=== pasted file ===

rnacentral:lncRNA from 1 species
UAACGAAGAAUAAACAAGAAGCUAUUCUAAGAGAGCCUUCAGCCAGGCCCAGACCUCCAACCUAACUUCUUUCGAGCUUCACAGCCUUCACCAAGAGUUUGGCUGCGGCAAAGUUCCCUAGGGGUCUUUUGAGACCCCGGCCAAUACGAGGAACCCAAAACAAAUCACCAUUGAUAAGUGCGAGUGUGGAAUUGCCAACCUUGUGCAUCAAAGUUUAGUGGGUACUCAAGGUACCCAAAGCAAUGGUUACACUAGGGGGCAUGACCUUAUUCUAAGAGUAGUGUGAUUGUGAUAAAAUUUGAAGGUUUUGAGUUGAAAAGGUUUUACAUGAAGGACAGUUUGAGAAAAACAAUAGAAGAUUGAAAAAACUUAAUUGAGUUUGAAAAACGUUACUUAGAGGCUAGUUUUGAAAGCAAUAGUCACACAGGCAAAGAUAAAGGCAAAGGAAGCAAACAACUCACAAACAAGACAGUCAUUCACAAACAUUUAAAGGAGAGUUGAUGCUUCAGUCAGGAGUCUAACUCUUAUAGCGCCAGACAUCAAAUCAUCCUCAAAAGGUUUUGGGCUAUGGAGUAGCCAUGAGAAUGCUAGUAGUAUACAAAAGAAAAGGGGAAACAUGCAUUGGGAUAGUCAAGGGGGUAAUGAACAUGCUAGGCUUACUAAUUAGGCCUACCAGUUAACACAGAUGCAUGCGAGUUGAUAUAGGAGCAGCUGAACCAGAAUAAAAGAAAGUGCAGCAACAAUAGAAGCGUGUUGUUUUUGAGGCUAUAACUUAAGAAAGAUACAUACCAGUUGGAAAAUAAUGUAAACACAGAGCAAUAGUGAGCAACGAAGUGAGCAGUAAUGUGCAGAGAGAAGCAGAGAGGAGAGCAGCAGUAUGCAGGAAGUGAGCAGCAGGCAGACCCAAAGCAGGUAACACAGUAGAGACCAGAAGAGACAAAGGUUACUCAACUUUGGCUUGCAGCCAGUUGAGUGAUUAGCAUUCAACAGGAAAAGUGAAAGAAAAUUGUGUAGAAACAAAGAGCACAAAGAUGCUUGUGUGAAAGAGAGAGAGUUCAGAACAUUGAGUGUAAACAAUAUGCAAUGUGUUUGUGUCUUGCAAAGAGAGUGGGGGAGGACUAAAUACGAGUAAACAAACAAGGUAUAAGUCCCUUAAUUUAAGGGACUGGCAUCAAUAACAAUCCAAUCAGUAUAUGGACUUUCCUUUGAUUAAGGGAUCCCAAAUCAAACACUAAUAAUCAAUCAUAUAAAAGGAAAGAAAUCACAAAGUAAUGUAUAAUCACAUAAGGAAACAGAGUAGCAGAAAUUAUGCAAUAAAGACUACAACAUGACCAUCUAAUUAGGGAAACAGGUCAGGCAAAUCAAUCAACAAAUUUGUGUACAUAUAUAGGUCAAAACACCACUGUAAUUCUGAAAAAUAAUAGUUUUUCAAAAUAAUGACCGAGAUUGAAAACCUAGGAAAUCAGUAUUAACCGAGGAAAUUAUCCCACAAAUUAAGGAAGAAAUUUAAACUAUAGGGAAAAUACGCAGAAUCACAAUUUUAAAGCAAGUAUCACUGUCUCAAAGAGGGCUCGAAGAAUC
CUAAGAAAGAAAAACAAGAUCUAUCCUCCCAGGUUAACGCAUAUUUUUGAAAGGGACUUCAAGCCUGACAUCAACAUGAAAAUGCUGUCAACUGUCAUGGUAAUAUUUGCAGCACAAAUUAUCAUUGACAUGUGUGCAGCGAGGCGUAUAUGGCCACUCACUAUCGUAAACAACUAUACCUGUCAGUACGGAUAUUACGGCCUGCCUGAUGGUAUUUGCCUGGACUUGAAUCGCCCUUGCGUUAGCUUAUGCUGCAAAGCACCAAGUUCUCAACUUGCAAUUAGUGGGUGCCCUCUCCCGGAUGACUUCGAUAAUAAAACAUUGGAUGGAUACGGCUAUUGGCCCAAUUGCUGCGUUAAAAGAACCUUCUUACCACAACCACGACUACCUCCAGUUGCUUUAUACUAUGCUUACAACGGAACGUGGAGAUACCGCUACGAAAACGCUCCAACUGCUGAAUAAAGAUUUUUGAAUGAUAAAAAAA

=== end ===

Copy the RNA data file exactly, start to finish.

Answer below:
rnacentral:lncRNA from 1 species
UAACGAAGAAUAAACAAGAAGCUAUUCUAAGAGAGCCUUCAGCCAGGCCCAGACCUCCAACCUAACUUCUUUCGAGCUUCACAGCCUUCACCAAGAGUUUGGCUGCGGCAAAGUUCCCUAGGGGUCUUUUGAGACCCCGGCCAAUACGAGGAACCCAAAACAAAUCACCAUUGAUAAGUGCGAGUGUGGAAUUGCCAACCUUGUGCAUCAAAGUUUAGUGGGUACUCAAGGUACCCAAAGCAAUGGUUACACUAGGGGGCAUGACCUUAUUCUAAGAGUAGUGUGAUUGUGAUAAAAUUUGAAGGUUUUGAGUUGAAAAGGUUUUACAUGAAGGACAGUUUGAGAAAAACAAUAGAAGAUUGAAAAAACUUAAUUGAGUUUGAAAAACGUUACUUAGAGGCUAGUUUUGAAAGCAAUAGUCACACAGGCAAAGAUAAAGGCAAAGGAAGCAAACAACUCACAAACAAGACAGUCAUUCACAAACAUUUAAAGGAGAGUUGAUGCUUCAGUCAGGAGUCUAACUCUUAUAGCGCCAGACAUCAAAUCAUCCUCAAAAGGUUUUGGGCUAUGGAGUAGCCAUGAGAAUGCUAGUAGUAUACAAAAGAAAAGGGGAAACAUGCAUUGGGAUAGUCAAGGGGGUAAUGAACAUGCUAGGCUUACUAAUUAGGCCUACCAGUUAACACAGAUGCAUGCGAGUUGAUAUAGGAGCAGCUGAACCAGAAUAAAAGAAAGUGCAGCAACAAUAGAAGCGUGUUGUUUUUGAGGCUAUAACUUAAGAAAGAUACAUACCAGUUGGAAAAUAAUGUAAACACAGAGCAAUAGUGAGCAACGAAGUGAGCAGUAAUGUGCAGAGAGAAGCAGAGAGGAGAGCAGCAGUAUGCAGGAAGUGAGCAGCAGGCAGACCCAAAGCAGGUAACACAGUAGAGACCAGAAGAGACAAAGGUUACUCAACUUUGGCUUGCAGCCAGUUGAGUGAUUAGCAUUCAACAGGAAAAGUGAAAGAAAAUUGUGUAGAAACAAAGAGCACAAAGAUGCUUGUGUGAAAGAGAGAGAGUUCAGAACAUUGAGUGUAAACAAUAUGCAAUGUGUUUGUGUCUUGCAAAGAGAGUGGGGGAGGACUAAAUACGAGUAAACAAACAAGGUAUAAGUCCCUUAAUUUAAGGGACUGGCAUCAAUAACAAUCCAAUCAGUAUAUGGACUUUCCUUUGAUUAAGGGAUCCCAAAUCAAACACUAAUAAUCAAUCAUAUAAAAGGAAAGAAAUCACAAAGUAAUGUAUAAUCACAUAAGGAAACAGAGUAGCAGAAAUUAUGCAAUAAAGACUACAACAUGACCAUCUAAUUAGGGAAACAGGUCAGGCAAAUCAAUCAACAAAUUUGUGUACAUAUAUAGGUCAAAACACCACUGUAAUUCUGAAAAAUAAUAGUUUUUCAAAAUAAUGACCGAGAUUGAAAACCUAGGAAAUCAGUAUUAACCGAGGAAAUUAUCCCACAAAUUAAGGAAGAAAUUUAAACUAUAGGGAAAAUACGCAGAAUCACAAUUUUAAAGCAAGUAUCACUGUCUCAAAGAGGGCUCGAAGAAUC
CUAAGAAAGAAAAACAAGAUCUAUCCUCCCAGGUUAACGCAUAUUUUUGAAAGGGACUUCAAGCCUGACAUCAACAUGAAAAUGCUGUCAACUGUCAUGGUAAUAUUUGCAGCACAAAUUAUCAUUGACAUGUGUGCAGCGAGGCGUAUAUGGCCACUCACUAUCGUAAACAACUAUACCUGUCAGUACGGAUAUUACGGCCUGCCUGAUGGUAUUUGCCUGGACUUGAAUCGCCCUUGCGUUAGCUUAUGCUGCAAAGCACCAAGUUCUCAACUUGCAAUUAGUGGGUGCCCUCUCCCGGAUGACUUCGAUAAUAAAACAUUGGAUGGAUACGGCUAUUGGCCCAAUUGCUGCGUUAAAAGAACCUUCUUACCACAACCACGACUACCUCCAGUUGCUUUAUACUAUGCUUACAACGGAACGUGGAGAUACCGCUACGAAAACGCUCCAACUGCUGAAUAAAGAUUUUUGAAUGAUAAAAAAA